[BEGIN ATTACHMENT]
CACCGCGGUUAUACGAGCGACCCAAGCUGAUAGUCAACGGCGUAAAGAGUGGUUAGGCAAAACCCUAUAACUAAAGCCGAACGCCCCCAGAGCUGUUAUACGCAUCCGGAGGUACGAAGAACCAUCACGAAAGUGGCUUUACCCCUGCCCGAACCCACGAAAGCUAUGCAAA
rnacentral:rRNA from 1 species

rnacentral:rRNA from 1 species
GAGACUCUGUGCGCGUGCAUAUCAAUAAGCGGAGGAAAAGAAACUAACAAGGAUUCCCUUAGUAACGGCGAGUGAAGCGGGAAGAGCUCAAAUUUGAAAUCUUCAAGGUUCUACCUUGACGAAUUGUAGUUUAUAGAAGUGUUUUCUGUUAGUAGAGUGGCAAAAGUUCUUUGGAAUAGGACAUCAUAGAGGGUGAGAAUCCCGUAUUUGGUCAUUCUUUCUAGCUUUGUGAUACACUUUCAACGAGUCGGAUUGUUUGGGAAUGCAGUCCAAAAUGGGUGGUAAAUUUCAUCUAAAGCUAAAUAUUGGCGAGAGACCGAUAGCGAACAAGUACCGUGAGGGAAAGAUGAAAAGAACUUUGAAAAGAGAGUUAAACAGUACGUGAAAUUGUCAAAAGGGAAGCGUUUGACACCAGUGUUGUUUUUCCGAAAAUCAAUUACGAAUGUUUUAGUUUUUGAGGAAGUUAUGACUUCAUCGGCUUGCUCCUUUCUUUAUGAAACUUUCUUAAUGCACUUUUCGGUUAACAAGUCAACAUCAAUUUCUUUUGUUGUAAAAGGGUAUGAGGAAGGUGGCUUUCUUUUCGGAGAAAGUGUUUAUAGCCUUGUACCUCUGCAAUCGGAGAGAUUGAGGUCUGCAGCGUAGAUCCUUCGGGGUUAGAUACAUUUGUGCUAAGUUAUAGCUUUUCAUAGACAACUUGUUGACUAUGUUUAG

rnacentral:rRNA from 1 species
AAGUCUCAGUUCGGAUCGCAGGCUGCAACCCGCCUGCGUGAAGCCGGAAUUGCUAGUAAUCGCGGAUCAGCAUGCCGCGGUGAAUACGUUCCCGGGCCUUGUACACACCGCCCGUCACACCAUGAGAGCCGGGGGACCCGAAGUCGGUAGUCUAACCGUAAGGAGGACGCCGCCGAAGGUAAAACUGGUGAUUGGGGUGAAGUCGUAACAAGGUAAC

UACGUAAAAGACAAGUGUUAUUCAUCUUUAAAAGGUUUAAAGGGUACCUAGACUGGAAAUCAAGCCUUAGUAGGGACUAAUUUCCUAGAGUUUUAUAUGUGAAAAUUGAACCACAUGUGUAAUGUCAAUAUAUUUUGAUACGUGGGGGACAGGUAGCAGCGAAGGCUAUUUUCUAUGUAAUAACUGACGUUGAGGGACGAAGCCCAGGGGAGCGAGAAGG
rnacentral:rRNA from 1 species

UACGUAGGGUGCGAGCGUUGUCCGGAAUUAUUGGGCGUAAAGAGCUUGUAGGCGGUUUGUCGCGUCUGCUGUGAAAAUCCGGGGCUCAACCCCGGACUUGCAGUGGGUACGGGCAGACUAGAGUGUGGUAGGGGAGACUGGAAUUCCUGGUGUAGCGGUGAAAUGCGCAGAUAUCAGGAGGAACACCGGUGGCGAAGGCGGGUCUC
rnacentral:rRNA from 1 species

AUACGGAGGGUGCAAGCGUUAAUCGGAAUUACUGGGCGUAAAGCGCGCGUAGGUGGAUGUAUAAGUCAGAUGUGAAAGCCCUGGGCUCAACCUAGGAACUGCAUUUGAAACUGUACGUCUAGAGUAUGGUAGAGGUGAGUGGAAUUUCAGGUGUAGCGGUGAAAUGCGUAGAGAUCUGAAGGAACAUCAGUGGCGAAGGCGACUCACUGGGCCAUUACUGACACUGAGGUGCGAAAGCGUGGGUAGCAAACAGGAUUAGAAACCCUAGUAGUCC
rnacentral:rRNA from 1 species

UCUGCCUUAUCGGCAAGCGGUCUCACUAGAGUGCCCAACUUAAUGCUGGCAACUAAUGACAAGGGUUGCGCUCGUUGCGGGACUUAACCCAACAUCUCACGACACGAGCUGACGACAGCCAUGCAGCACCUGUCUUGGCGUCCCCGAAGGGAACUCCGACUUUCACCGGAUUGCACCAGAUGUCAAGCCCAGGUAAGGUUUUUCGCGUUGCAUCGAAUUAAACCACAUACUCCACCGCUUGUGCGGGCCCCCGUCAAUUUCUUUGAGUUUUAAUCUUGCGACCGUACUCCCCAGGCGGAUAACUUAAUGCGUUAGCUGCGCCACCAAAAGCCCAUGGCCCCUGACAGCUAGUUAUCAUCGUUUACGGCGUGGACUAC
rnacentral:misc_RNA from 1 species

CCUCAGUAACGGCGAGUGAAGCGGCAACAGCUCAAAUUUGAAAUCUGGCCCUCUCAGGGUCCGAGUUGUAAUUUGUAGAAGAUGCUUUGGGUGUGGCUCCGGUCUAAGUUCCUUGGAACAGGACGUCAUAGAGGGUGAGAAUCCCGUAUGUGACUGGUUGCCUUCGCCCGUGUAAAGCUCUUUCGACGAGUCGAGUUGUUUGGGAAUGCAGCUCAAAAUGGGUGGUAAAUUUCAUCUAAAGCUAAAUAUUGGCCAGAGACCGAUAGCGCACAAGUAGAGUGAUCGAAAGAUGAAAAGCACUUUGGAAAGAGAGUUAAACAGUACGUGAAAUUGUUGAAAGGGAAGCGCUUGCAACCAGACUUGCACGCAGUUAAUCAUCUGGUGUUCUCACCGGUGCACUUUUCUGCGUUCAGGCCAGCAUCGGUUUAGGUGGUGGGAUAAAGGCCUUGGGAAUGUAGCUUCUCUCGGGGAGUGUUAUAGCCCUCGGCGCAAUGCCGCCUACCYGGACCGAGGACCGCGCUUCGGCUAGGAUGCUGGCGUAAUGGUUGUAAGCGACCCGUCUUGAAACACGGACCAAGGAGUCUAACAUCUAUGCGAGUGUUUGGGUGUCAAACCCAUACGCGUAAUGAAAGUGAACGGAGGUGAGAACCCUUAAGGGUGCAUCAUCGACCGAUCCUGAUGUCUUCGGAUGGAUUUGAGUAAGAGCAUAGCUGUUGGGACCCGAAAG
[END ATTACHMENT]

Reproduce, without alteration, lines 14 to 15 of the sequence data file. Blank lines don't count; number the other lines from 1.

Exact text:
rnacentral:misc_RNA from 1 species

CCUCAGUAACGGCGAGUGAAGCGGCAACAGCUCAAAUUUGAAAUCUGGCCCUCUCAGGGUCCGAGUUGUAAUUUGUAGAAGAUGCUUUGGGUGUGGCUCCGGUCUAAGUUCCUUGGAACAGGACGUCAUAGAGGGUGAGAAUCCCGUAUGUGACUGGUUGCCUUCGCCCGUGUAAAGCUCUUUCGACGAGUCGAGUUGUUUGGGAAUGCAGCUCAAAAUGGGUGGUAAAUUUCAUCUAAAGCUAAAUAUUGGCCAGAGACCGAUAGCGCACAAGUAGAGUGAUCGAAAGAUGAAAAGCACUUUGGAAAGAGAGUUAAACAGUACGUGAAAUUGUUGAAAGGGAAGCGCUUGCAACCAGACUUGCACGCAGUUAAUCAUCUGGUGUUCUCACCGGUGCACUUUUCUGCGUUCAGGCCAGCAUCGGUUUAGGUGGUGGGAUAAAGGCCUUGGGAAUGUAGCUUCUCUCGGGGAGUGUUAUAGCCCUCGGCGCAAUGCCGCCUACCYGGACCGAGGACCGCGCUUCGGCUAGGAUGCUGGCGUAAUGGUUGUAAGCGACCCGUCUUGAAACACGGACCAAGGAGUCUAACAUCUAUGCGAGUGUUUGGGUGUCAAACCCAUACGCGUAAUGAAAGUGAACGGAGGUGAGAACCCUUAAGGGUGCAUCAUCGACCGAUCCUGAUGUCUUCGGAUGGAUUUGAGUAAGAGCAUAGCUGUUGGGACCCGAAAG